The idea that Elizabeth should have abdicated at the time of her annus horribilis – the year three of her four children gave up on their marriage and a fire engulfed Windsor Castle – is not new. This theme is explored in the 2006 film “The Queen”, also written by Morgan, which is set in the months following Diana’s death. It feels like Morgan may have said just about everything he needed to say – and more effectively – in this film. The only major revision concerns the characterization of Prime Minister Tony Blair, who comes across as serious and reasonable in “The Queen” but in “The Crown” is endowed with the soul and style of a used-car salesman.
Charles, meanwhile, only won in Morgan’s esteem. Season 4 humanized the Prince without making him particularly likeable. Season 5 is practically pro-Charles propaganda. His relationship with Camilla Parker Bowles (Olivia Williams) is outrageously healthy. Even the re-enactment of “Tampongate” — a leaked phone call in which Charles expresses a desire to be Camilla’s tampon — is surprisingly tender, restoring the lovers’ cat to its prankish, self-deprecating devotion. Charles is an intellectually engaged, philanthropic and forward-looking leader. This scene, which relies on West’s physical grace and charm, is an affront to common sense; he asks us to forget the Charles who rebelled against population growth in the countries of the South and who irons his shoelaces every morning. Morgan fails to reconcile the prince’s apparent fitness for the throne with his deep unpopularity with the public.
Unsurprisingly, the main villain of the season is the media. If the episodes offer any indication of how the UK has transformed over this period, it lies in the growing nastiness of the press as the explosion of commercial television tests even the BBC’s commitment towards virtuous programming. Diana is easy prey for unsavory journalists, who plot to take advantage of her loneliness. Like so many other women of tabloid interest in the 90s, Diana benefited from feminist revisionism. Season 4 painted her as a virgin sacrificed on the altar of good press. Season 5 takes a more, she says, approach to her marriage. The depiction rings true, even if it lacks the camp and mayhem that drove the previous version. Sporting the harsh black eyeliner of the era, a muted Debicki is only allowed to unleash the full star power of Diana twice: when she woos lowly surgeon Hasnat Khan (Humayun Saeed), and when she meets a now grizzled Fayed (Salim Daw), who remains determined to join the English elite, taking with him his film producer son Dodi (Khalid Abdalla).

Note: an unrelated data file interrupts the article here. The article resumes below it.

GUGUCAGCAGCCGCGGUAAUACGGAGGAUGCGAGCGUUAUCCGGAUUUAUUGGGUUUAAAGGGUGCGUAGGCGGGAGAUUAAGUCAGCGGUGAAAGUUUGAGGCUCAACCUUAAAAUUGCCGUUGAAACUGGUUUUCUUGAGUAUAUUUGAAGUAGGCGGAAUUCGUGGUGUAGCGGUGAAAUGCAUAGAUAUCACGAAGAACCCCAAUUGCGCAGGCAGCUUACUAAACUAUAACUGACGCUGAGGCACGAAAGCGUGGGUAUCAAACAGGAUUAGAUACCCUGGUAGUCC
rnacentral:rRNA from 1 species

Season 5 avoids the inevitable; Dodi is smitten with another spotlight-seeking blonde at the end. Because of this shyness (and compressed time frame), the larger arc looks incomplete, structurally unstable. (“The Crown” would span six seasons, with the action concluding in 2005.) Yet there is a satisfaction in watching young and helpless Diana transform into a short-sighted, friendless anti-heroine whose efforts to making themselves understood can only take the form of revenge. . Again and again, his confessions become the humiliations of his family. “There were three of us in this wedding, so it was a bit crowded,” she tells reporter Martin Bashir (Prasanna Puwanarajah), the hurt softness of her voice belying the violence she unleashes on a Charles and Camilla grimacing.
It’s not just her husband who crumbles every time Diana opens her mouth. The groaning heart of the season is her teenage son, William (Senan West). Diana, paranoid that her phone calls are being tapped, turns to him as a confidant, even when it comes to gushing about her latest boyfriend. William’s pity for his mother is soon overshadowed by embarrassment. “Do you have to tell me these things?” he begs at one point. Given the constant focus on the small and the particular this season, viewers might ask Morgan the same question. ♦